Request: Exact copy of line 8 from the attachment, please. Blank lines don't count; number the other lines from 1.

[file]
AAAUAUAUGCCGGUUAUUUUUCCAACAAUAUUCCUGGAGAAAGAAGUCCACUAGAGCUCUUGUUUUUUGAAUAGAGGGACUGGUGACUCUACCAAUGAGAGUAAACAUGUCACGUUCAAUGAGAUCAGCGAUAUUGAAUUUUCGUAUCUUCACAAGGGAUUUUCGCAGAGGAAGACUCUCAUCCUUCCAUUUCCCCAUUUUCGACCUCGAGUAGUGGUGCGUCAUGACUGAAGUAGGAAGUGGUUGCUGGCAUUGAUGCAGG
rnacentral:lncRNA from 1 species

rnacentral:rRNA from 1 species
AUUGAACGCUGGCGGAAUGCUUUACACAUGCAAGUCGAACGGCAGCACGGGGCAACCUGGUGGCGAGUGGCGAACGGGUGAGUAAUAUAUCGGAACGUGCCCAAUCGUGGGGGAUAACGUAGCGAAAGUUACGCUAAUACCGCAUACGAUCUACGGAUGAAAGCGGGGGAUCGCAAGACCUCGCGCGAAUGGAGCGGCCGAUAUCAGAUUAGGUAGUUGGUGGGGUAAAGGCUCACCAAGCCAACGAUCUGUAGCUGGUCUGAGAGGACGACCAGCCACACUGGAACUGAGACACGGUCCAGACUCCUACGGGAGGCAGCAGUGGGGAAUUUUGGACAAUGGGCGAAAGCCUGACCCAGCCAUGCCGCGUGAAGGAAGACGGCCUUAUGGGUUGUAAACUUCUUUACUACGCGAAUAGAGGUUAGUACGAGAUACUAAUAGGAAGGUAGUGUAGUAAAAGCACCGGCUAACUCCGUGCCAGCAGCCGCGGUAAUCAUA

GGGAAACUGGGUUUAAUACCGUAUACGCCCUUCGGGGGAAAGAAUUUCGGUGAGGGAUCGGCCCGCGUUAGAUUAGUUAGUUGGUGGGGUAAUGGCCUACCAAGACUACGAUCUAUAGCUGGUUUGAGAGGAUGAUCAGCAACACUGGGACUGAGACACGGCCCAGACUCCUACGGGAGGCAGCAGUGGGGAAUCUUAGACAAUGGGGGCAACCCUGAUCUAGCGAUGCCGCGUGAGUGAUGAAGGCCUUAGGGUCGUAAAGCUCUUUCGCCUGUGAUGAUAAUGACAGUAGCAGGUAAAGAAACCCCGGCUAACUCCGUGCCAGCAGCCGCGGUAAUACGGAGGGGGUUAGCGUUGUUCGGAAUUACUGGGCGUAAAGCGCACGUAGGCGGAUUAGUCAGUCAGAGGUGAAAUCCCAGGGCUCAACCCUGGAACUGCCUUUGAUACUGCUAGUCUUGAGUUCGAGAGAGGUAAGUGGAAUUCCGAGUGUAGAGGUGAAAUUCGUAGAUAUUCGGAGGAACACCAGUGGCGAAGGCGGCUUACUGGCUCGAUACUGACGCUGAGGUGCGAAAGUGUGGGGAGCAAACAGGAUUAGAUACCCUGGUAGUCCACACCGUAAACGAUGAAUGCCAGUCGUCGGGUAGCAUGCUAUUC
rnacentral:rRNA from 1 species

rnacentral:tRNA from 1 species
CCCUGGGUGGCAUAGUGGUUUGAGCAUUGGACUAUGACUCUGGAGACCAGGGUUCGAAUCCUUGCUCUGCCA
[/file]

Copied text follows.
CCCUGGGUGGCAUAGUGGUUUGAGCAUUGGACUAUGACUCUGGAGACCAGGGUUCGAAUCCUUGCUCUGCCA